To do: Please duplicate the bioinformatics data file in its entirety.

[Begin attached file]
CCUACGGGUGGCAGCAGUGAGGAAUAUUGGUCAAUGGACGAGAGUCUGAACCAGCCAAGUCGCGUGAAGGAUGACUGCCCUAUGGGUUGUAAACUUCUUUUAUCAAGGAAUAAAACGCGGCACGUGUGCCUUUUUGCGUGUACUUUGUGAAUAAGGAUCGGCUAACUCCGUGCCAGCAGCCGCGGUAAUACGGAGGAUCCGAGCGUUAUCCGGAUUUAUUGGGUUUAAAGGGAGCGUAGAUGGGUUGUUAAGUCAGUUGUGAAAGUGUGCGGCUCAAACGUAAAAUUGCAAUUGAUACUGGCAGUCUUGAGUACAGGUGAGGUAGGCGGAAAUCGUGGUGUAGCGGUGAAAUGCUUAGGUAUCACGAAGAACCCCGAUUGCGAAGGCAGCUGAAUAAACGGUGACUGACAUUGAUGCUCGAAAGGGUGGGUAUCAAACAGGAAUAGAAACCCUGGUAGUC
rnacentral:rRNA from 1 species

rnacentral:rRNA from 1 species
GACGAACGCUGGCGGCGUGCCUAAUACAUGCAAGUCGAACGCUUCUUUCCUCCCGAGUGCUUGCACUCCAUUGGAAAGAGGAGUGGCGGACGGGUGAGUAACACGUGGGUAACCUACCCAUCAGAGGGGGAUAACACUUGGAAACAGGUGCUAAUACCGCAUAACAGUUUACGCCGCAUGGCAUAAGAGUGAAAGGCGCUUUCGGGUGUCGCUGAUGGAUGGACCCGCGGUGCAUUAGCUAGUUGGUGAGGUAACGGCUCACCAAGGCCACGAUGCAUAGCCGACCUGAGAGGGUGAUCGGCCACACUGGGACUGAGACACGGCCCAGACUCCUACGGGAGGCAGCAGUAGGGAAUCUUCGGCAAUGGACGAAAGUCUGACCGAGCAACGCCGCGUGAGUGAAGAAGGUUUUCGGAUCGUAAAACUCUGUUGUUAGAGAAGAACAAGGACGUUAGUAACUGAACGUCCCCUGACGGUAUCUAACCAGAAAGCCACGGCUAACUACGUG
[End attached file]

CCUACGGGUGGCAGCAGUGAGGAAUAUUGGUCAAUGGACGAGAGUCUGAACCAGCCAAGUCGCGUGAAGGAUGACUGCCCUAUGGGUUGUAAACUUCUUUUAUCAAGGAAUAAAACGCGGCACGUGUGCCUUUUUGCGUGUACUUUGUGAAUAAGGAUCGGCUAACUCCGUGCCAGCAGCCGCGGUAAUACGGAGGAUCCGAGCGUUAUCCGGAUUUAUUGGGUUUAAAGGGAGCGUAGAUGGGUUGUUAAGUCAGUUGUGAAAGUGUGCGGCUCAAACGUAAAAUUGCAAUUGAUACUGGCAGUCUUGAGUACAGGUGAGGUAGGCGGAAAUCGUGGUGUAGCGGUGAAAUGCUUAGGUAUCACGAAGAACCCCGAUUGCGAAGGCAGCUGAAUAAACGGUGACUGACAUUGAUGCUCGAAAGGGUGGGUAUCAAACAGGAAUAGAAACCCUGGUAGUC
rnacentral:rRNA from 1 species

rnacentral:rRNA from 1 species
GACGAACGCUGGCGGCGUGCCUAAUACAUGCAAGUCGAACGCUUCUUUCCUCCCGAGUGCUUGCACUCCAUUGGAAAGAGGAGUGGCGGACGGGUGAGUAACACGUGGGUAACCUACCCAUCAGAGGGGGAUAACACUUGGAAACAGGUGCUAAUACCGCAUAACAGUUUACGCCGCAUGGCAUAAGAGUGAAAGGCGCUUUCGGGUGUCGCUGAUGGAUGGACCCGCGGUGCAUUAGCUAGUUGGUGAGGUAACGGCUCACCAAGGCCACGAUGCAUAGCCGACCUGAGAGGGUGAUCGGCCACACUGGGACUGAGACACGGCCCAGACUCCUACGGGAGGCAGCAGUAGGGAAUCUUCGGCAAUGGACGAAAGUCUGACCGAGCAACGCCGCGUGAGUGAAGAAGGUUUUCGGAUCGUAAAACUCUGUUGUUAGAGAAGAACAAGGACGUUAGUAACUGAACGUCCCCUGACGGUAUCUAACCAGAAAGCCACGGCUAACUACGUG